AstraZeneca, BMS say late-stage trial of Onglyza met primary endpoint
SAN DIEGO — A cobranded Type 2 diabetes treatment may help reduce blood-sugar levels among patients when combined with insulin (with or without metformin), according to a late-stage clinical trial.
AstraZeneca and Bristol-Myers Squibb said that when Onglyza (saxagliptin) in the 5-mg strength was combined with insulin (with or without metformin), patients saw significantly lower HbA1C levels by an average of about 0.73% by the end of the phase-3 trial, compared with a placebo-insulin (with or without metformin) combination.
Conducted over a period of 24 weeks, the multicenter, randomized, placebo-controlled, double-blind study included 455 Type 2 diabetes patients between the ages of 18 years and 78 years. All of the patients enrolled in the study were diagnosed as having inadequate glycemic control, AstraZeneca and BMS said.
The data was presented at the American Diabetes Association’s 71st annual Scientific Sessions in San Diego.
“Type 2 diabetes is a chronic, progressive disease, and many patients who require insulin may need to increase their dosage over time to help control their blood-sugar levels,” said Bernard Charbonnel, professor of endocrinology and metabolic diseases at the University of Nantes, France, and principal investigator of the study. “The study showed that Onglyza 5 mg used with insulin helped improve HbA1C in these adult patients with Type 2 diabetes.”
Report: Some branded diabetes drug prices at Walmart, Kmart rise at fast rate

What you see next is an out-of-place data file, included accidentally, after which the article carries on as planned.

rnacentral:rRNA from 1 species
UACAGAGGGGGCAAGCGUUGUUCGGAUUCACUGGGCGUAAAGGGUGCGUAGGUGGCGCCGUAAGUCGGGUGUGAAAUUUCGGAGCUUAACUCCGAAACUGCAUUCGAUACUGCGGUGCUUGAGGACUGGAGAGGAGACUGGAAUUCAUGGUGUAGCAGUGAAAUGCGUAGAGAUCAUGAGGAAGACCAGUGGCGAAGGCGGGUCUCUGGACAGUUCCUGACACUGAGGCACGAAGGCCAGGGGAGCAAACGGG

NEW YORK — Prices for the top 10 most prescribed branded diabetes drugs have risen faster at Walmart and Kmart than at other retailers, according to a published report.
Citing a recent study by researchers at the Mount Sinai Medical Center in New York, Reuters reported that Walmart raised prices for branded diabetes drugs by 32% between 2008 and 2010, compared with 21% for the industry as a whole — including independent and chain retail pharmacies and mail-order companies. Kmart raised prices by 35%.
Walmart has long been considered an innovator for its $4 generics program, introduced in 2006, which since has become almost standard practice for retailers around the country. The study also found that generic drug prices fell by 58% over the two-year period, while branded drug prices increased by 113%.
Novo Nordisk’s Victoza helps patients achieve blood-sugar control when switching from exenatide or sitagliptin
SAN DIEGO — Novo Nordisk unveiled data from two extension studies at the 71st annual Scientific Sessions of the American Diabetes Association in San Diego that show its diabetes drug, when combined with other medications, may help patients achieve blood-sugar control.
The drug maker found that combining Victoza (liraglutide [rDNA origin] injection) with metformin and/or sulfonylurea helped patients achieve blood-sugar control.
Additionally, Novo Nordisk also presented data that showed that the addition of Levemir (insulin detemir [rDNA origin] injection) to Victoza and metformin helped patients reach and maintain blood sugar targets. The results also showed a low frequency of hypoglycemia and maintained weight loss among patients.
Both switch trials were extensions of randomized, open-label studies that compared the efficacy and safety of Victoza in 1.2-mg and/or 1.8-mg strengths, taken once daily, with twice-daily exenatide (10 μg) or sitagliptin (100 mg), all in combination with metformin and/or sulfonylurea.
“The results … are encouraging. Not only did Victoza treatment alone help more than 60% of patients achieve the ADA target for blood-sugar control, but also the addition of Levemir helped many of the remaining patients achieve the ADA target without the increases in hypoglycemia and body weight normally associated with insulin therapy,” Novo Nordisk EVP and chief science officer Mads Krogsgaard Thomsen said.